A registered charitable organization founded in 1986, Les amis de la montagne’s network includes citizens from a variety of associations allied with the heads of philanthropic foundations and company presidents. Les amis de la montagne exists to protect and enhance Mount Royal through community involvement and environmental education. Through its advocacy initiatives, education and awareness-raising activities, as well as enhancement and improvement projects, Les amis de la montagne provides the community with the opportunity to exchange ideas and become involved in the preservation of Mount Royal.
They established an environmental stewardship program (PIE) in 2007 to build a more thorough understanding of the ecosystem of Mount Royal using their 25-year experience in leadership and volunteer involvement with the community, as well as longstanding partnerships with the City of Montreal and large institutional property owners on the mountain. But first and foremost, the PIE responds to the request for Montrealers to get involved in protecting their environment, providing meaningful gestures to safeguard the future of the planet.
Environmental activities include planting trees and shrubs of native species, monitoring the growth and survival of planted trees, cutting and removing buckthorn, and maintaining young trees in their educational nursery. All proposed activities are supervised by professionals and are approached scientifically to document important research, improving knowledge and understanding of methods of intervention in the natural environment.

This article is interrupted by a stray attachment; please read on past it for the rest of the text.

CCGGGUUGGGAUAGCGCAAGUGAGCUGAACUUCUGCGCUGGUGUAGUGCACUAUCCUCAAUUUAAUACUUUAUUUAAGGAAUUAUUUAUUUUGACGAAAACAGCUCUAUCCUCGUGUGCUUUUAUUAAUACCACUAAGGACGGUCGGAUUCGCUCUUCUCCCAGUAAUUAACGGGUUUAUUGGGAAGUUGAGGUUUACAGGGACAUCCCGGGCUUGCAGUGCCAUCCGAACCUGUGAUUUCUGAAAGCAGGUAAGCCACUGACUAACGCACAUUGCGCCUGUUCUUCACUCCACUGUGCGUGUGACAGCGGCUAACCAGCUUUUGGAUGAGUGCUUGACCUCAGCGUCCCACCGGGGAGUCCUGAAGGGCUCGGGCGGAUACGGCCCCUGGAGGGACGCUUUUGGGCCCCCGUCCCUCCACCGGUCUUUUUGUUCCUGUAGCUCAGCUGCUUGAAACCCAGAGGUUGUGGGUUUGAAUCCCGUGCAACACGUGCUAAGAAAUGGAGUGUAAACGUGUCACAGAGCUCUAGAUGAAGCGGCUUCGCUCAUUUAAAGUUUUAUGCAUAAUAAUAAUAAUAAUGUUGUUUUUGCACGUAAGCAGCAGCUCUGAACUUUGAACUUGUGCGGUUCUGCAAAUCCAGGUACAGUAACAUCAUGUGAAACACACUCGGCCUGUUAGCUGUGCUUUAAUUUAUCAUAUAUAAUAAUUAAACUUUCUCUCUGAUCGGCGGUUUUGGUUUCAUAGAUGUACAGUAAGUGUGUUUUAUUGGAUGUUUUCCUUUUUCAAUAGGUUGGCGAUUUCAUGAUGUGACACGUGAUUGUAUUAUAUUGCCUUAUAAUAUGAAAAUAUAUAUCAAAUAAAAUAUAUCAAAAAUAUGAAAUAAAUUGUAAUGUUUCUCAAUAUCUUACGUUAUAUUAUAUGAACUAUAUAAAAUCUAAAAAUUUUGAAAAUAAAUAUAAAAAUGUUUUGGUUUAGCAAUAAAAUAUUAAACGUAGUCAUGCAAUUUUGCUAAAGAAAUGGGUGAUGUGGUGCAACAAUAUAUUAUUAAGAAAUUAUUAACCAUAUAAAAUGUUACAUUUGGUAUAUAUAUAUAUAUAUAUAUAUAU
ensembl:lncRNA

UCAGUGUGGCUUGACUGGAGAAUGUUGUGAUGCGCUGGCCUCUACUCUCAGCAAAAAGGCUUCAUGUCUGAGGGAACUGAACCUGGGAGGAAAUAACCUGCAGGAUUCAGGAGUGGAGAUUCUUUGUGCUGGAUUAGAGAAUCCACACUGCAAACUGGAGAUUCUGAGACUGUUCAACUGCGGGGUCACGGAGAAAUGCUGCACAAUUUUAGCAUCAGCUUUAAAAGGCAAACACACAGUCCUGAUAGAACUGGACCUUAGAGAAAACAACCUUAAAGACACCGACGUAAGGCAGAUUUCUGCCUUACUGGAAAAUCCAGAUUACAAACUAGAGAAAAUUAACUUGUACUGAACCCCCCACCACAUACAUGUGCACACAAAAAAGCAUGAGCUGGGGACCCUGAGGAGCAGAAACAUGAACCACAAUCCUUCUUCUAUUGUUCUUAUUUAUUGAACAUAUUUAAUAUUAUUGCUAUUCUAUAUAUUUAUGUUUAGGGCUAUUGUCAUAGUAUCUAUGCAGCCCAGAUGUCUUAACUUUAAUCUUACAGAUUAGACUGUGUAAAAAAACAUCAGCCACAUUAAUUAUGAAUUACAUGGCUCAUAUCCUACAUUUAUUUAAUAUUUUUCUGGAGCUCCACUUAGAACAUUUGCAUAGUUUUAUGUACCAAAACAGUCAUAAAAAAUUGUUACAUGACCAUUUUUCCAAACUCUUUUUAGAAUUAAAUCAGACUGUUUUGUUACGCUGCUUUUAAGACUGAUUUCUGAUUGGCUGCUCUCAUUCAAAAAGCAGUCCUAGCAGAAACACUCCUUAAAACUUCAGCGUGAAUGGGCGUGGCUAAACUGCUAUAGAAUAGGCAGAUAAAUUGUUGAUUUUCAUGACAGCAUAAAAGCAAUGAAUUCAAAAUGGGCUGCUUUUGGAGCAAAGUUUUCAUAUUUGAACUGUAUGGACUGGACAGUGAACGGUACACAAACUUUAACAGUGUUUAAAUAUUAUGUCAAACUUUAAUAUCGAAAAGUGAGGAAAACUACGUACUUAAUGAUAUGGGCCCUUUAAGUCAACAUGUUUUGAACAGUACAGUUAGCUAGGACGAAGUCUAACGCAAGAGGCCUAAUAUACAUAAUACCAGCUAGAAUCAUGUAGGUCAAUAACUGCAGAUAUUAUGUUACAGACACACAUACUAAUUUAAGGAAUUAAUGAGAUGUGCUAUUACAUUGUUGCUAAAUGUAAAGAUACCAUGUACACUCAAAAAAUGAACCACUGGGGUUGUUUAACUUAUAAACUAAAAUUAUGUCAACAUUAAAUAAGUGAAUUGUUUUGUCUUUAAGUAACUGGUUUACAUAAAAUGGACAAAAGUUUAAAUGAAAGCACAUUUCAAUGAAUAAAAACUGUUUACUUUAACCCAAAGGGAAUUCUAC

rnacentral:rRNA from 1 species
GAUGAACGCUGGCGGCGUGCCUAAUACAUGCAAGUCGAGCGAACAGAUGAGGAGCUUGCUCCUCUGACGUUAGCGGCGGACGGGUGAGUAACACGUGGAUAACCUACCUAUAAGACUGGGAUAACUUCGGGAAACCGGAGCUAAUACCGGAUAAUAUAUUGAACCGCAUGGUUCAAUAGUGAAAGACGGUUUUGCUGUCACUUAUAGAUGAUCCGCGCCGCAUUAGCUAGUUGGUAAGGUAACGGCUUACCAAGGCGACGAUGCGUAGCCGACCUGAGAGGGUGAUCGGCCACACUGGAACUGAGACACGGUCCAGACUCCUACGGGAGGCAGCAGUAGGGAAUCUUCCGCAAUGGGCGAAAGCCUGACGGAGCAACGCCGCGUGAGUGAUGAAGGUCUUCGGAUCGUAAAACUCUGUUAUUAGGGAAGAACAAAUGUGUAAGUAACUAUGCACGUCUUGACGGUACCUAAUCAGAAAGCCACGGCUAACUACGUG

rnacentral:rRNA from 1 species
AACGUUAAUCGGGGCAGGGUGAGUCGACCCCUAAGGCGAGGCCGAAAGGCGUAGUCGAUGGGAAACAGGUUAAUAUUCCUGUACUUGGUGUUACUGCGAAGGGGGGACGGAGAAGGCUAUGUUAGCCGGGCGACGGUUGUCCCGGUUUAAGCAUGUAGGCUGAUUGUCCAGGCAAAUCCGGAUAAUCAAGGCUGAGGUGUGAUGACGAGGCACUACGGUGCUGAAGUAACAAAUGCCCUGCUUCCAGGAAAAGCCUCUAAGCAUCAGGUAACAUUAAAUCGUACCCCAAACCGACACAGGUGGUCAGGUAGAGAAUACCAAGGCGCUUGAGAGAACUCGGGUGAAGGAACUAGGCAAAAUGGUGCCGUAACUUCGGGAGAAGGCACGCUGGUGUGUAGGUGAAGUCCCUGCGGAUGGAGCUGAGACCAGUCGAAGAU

Wild City Mapping is a project that was initiated by a group of artists, advocates for green spaces, nature lovers, and geeks. Their mission is to map the personal significance of Montréal’s wild green spaces with their on-line, open-source platform. Often thought of as abandoned, these sites are catalogued through the eyes of the citizens who use them regularly. In addition to the on-line map, they hold creative interventions in urban green spaces, from creative mapping walks to film screenings and site-specific installations.
Plan d’action Forêt Urbaine is a collective tree-planting effort in Montreal dedicated to growing and maintaining a healthy urban forest. While the City of Montreal coordinates efforts on public property, the Montreal non-profit greening company, SOVERDI (Société de verdissement du Montréal métropolitain) and the Urban Forest Alliance (l’Alliance forêt urbaine) coordinate private and institutional efforts.
Together, they have mobilized Montrealers to plant 300,000 trees over a little more than 10 years, in six major planting networks. These trees will help bring greenery to living spaces, industrial areas, schoolyards, health facilities, shopping centers, parking lots and institutions.
Help protect threatened species and their habitats.